Scientists at Penn State University (University Park, PA) used a fluorescent tagging method to uncover a key step in the process of human DNA replication. The work was led by Stephen J. Benkovic, an Evan Pugh Professor of Chemistry and holder of the Eberly Family Chair in Chemistry at Penn State.
Part of the DNA replication process—in humans and in other life forms—involves loading of molecular structures called sliding clamps onto DNA. This crucial step in DNA replication had remained somewhat mysterious and had not been well studied in human DNA replication. Mark Hedglin, a postdoctoral researcher in Penn State's Department of Chemistry and a member of Benkovic's team, explains that the sliding clamp is a ring-shaped protein that acts to encircle the DNA strand. The sliding clamp then serves to anchor polymerases to the DNA, ensuring efficient copying of the genetic material. "Without a sliding clamp, polymerases can copy very few bases—the molecular 'letters' that make up the code of DNA—at a time. But the clamp helps the polymerase to stay in place, allowing it to copy thousands of bases before being removed from the strand of DNA," Hedglin says.
Hedglin explains that, due to the closed circular structure of sliding clamps, another necessary step in DNA replication is the presence of a "clamp loader," which acts to latch and unlatch the sliding clamps at key stages during the process. "The big unknown has always been how the sliding clamp and the clamp loader interact and the timing of latching and unlatching of the clamp from the DNA," says Hedglin. "We know that polymerases and clamp loaders can't bind the sliding clamp at the same time, so the hypothesis was that clamp loaders latched sliding clamps onto DNA, then left for some time during DNA replication, returning only to unlatch the clamps after the polymerase left so they could be recycled for further use."
|Stephen J. Benkovic, Mark Hedglin, and other members of Professor Benkovic's research team have studied the importance of "clamp loader" enzymes and their activities during DNA replication. In this image, the clamp loader is represented, for illustrative purposes, by a hand, which is loading the sliding clamp ring onto DNA. (Image courtesy of the Benkovic lab, Penn State University)|
To test this hypothesis, the researchers used a method called Förster resonance energy transfer (FRET), a technique of attaching fluorescent "tags" to human proteins and sections of DNA in order to monitor the interactions between them. "With these tags in place, we then observed the formation of holoenzymes—the active form of the polymerase involved in DNA replication, which consists of the polymerase itself along with any accessory factors that optimize its activity," Hedglin says. "We found that whenever a sliding clamp is loaded onto a DNA template in the absence of polymerase, the clamp loader quickly removed the clamp so that free clamps did not build up on the DNA. However, whenever a polymerase was present, it captured the sliding clamp and the clamp loader then dissociated from the DNA strand."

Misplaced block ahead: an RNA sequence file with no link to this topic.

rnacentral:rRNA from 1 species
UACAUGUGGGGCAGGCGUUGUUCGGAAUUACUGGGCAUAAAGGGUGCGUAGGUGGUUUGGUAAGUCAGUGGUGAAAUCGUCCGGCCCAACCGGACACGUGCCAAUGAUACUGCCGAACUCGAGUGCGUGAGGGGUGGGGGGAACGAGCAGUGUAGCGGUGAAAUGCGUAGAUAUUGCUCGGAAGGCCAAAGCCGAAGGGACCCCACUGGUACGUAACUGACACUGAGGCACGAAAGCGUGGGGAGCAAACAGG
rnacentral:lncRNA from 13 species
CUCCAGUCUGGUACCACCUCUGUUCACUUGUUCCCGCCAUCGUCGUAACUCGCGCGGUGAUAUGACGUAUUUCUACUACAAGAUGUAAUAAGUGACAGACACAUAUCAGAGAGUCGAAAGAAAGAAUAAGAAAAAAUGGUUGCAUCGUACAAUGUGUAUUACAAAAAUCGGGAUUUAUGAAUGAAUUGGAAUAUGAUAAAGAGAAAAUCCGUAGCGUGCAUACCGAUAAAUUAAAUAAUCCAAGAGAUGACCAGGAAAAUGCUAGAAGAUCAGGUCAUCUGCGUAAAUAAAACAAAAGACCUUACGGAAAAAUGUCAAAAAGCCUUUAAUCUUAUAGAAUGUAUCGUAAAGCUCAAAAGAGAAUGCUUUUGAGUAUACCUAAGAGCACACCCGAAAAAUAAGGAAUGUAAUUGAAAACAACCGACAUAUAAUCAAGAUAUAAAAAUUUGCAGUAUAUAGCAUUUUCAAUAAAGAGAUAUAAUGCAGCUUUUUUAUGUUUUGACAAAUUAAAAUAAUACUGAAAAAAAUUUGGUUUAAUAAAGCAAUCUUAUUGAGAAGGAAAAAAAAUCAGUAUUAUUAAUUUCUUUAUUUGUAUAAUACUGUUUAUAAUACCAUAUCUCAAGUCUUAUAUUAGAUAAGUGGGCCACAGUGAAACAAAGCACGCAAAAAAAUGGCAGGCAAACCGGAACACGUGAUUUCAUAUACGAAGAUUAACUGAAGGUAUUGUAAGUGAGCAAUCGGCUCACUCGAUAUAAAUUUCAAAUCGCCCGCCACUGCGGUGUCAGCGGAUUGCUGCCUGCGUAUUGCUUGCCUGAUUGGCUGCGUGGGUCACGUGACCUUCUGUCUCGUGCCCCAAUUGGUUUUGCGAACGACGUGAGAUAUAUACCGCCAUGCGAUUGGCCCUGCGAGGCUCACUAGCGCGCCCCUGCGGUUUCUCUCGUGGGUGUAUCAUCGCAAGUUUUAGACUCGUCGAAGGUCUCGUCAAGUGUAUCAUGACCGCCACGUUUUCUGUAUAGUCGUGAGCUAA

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The team members also found that, during the moments when both the clamp loader and the clamp were bound to the DNA, they were not intimately engaged with each other. Rather, the clamp loader released the closed clamp onto the DNA, allowing an opportunity for the polymerase to capture the clamp, completing the assembly of the holoenzyme. Subsequently, the clamp loader dissociated from DNA. "Our research demonstrates that the DNA polymerase holoenzyme in humans consists of only a clamp and a DNA polymerase. The clamp loader is not part of it. It disengages from the DNA after the polymerase binds the clamp," Hedglin adds.
Benkovic notes that this mechanism provides a means for the cell to recycle scarce clamps when they are not in use for productive replication.
Full results of work are published in the open-access journal eLife; for more information, please visit http://elife.elifesciences.org/content/2/e00278.
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